The Oracle Code by Marieke Nijkamp is one of the best graphic novels I’ve read in a really, really long time. This YA graphic novel is from DC Comics, and tells the story of Barbara Gordon, who becomes Oracle in the Batman/DC comic universe. Don’t be fooled, though– there are practically no superheros in this novel. Instead, we get a beautifully crafted story that is wonderfully diverse, fierce, and full of mystery and intrigue.
Barbara “Babs” Gordon, daughter of Commissioner Gordon, is a master computer hacker, and spends a lot of her time doing computer-hacker things with her best friend Benjamin.
One night, though, Babs’ life changes dramatically, and she ends up becoming paralyzed. Following the incident, she requires the use of a wheelchair to get around. Meaning well, Babs’ father sends her to the mysteriously creepy Arkham Center for Independence to help her heal and get stronger, both mentally and physically.
The story that unfurls throughout The Oracle Code is one of late night ghost stories, missing girls, fierce female friendships, and strong disability representation. The plot itself is the perfect blend of a gothic ghost story and a noir mystery, and I’ve never seen better in any graphic novel.
The Oracle Code is impeccably illustrated, and I loved that the “ghost” stories were illustrated to look different from the main story’s narrative. The coloring of the novel was just beautiful, too– full of rich purples and greens, with smatterings of purposeful reds, oranges, and blacks. It really is a gorgeous book.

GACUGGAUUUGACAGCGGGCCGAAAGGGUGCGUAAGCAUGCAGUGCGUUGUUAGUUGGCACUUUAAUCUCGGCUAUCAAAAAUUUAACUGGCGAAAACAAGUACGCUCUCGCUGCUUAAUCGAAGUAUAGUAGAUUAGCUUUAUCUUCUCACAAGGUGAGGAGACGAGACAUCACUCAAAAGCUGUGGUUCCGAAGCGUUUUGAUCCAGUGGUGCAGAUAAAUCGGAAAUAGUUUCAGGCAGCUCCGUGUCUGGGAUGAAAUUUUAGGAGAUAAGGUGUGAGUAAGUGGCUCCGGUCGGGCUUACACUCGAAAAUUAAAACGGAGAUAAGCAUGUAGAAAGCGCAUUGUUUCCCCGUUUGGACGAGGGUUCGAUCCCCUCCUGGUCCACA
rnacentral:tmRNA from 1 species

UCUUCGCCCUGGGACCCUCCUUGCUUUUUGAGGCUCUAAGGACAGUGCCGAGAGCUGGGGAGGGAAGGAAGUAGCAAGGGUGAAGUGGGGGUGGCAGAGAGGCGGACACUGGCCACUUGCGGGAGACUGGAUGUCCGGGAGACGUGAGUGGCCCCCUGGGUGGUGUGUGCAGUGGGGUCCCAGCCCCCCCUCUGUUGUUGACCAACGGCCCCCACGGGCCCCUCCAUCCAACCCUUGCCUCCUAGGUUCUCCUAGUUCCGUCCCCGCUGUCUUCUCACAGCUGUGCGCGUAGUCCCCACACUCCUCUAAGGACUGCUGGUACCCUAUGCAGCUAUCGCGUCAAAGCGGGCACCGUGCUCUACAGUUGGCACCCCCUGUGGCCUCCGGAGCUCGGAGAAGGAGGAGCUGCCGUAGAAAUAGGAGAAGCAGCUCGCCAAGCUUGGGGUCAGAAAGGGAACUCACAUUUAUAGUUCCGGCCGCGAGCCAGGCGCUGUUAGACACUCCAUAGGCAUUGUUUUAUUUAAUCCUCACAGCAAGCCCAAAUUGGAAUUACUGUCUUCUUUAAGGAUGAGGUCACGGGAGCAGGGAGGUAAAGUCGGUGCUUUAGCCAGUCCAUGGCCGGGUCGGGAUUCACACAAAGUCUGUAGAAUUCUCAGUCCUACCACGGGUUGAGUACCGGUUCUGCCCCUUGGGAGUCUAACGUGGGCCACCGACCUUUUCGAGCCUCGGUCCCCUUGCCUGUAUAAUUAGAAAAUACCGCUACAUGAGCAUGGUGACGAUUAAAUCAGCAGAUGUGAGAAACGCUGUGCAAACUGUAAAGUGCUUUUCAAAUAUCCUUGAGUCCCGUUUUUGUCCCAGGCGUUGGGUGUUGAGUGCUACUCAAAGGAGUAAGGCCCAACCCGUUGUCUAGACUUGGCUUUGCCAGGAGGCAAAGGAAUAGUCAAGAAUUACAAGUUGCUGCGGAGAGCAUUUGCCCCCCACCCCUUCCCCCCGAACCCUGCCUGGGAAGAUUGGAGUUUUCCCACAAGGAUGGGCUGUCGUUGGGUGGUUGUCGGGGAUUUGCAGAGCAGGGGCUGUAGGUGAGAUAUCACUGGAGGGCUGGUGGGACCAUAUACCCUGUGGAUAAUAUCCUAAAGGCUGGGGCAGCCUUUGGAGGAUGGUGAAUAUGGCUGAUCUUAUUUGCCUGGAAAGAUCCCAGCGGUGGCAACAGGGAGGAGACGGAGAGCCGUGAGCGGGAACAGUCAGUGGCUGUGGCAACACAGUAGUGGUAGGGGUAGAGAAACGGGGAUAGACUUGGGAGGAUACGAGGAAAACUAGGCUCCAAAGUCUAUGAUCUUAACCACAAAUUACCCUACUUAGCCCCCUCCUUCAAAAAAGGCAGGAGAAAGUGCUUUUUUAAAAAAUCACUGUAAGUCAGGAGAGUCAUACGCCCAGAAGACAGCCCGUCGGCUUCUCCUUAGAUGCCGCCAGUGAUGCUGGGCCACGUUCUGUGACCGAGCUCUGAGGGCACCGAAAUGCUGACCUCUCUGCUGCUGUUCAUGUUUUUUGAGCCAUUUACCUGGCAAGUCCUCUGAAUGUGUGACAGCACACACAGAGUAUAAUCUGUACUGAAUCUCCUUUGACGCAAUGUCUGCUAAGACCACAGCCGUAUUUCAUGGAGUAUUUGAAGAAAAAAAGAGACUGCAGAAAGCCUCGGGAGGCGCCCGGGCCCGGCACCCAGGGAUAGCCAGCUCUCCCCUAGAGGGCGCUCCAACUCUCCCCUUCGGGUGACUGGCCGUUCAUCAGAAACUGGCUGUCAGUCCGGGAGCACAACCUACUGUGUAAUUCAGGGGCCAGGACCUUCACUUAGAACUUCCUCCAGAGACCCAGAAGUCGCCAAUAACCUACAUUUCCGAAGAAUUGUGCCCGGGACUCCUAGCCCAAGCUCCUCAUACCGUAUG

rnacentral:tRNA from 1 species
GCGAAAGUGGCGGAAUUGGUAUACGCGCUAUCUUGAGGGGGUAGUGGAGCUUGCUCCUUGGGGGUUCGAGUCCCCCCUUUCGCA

While it’s a DC graphic novel, please don’t disregard this book in thinking that you have to be a fan of superheroes to enjoy it. All I really know about DC I learned from watching my husband play some video games and watching Christian Bale as (the best ever) Batman. With The Oracle Code, you really and truly don’t need to know anything at all about the DC comic universe, because the book is about Babs and her growth as a young teenager.
And, yes, The Oracle Code is a YA graphic novel; however, it definitely has wide demographic appeal. The atmosphere of the book is so richly creepy, and it really adds to the building suspense and tension over the course of the story. On top of that, the book has thoughtful themes of disability, identity, friendship (including great female friendships), and parent/child relationships. These universal themes are well-developed, feel true to the characters and situations in the book, and should appeal to nearly everyone. Even if you aren’t a fan of YA stories as a whole, I would still recommend giving this one a try. At least get it for the kid in your life!
Bottom line: It’s a lovely, diverse YA graphic novel with a strong plot and compelling characters. 4.5 stars, rounded up to 5! This book is out today, March 10th!
I received this title from the publisher through Netgalley in exchange for an honest review. Thanks to DC Comics for the eArc and for letting me use the above art from The Oracle Code in this post!
I’m linking this review to Lovely Audiobooks’ Review of the Month link-up, so check out the other reviews linked there!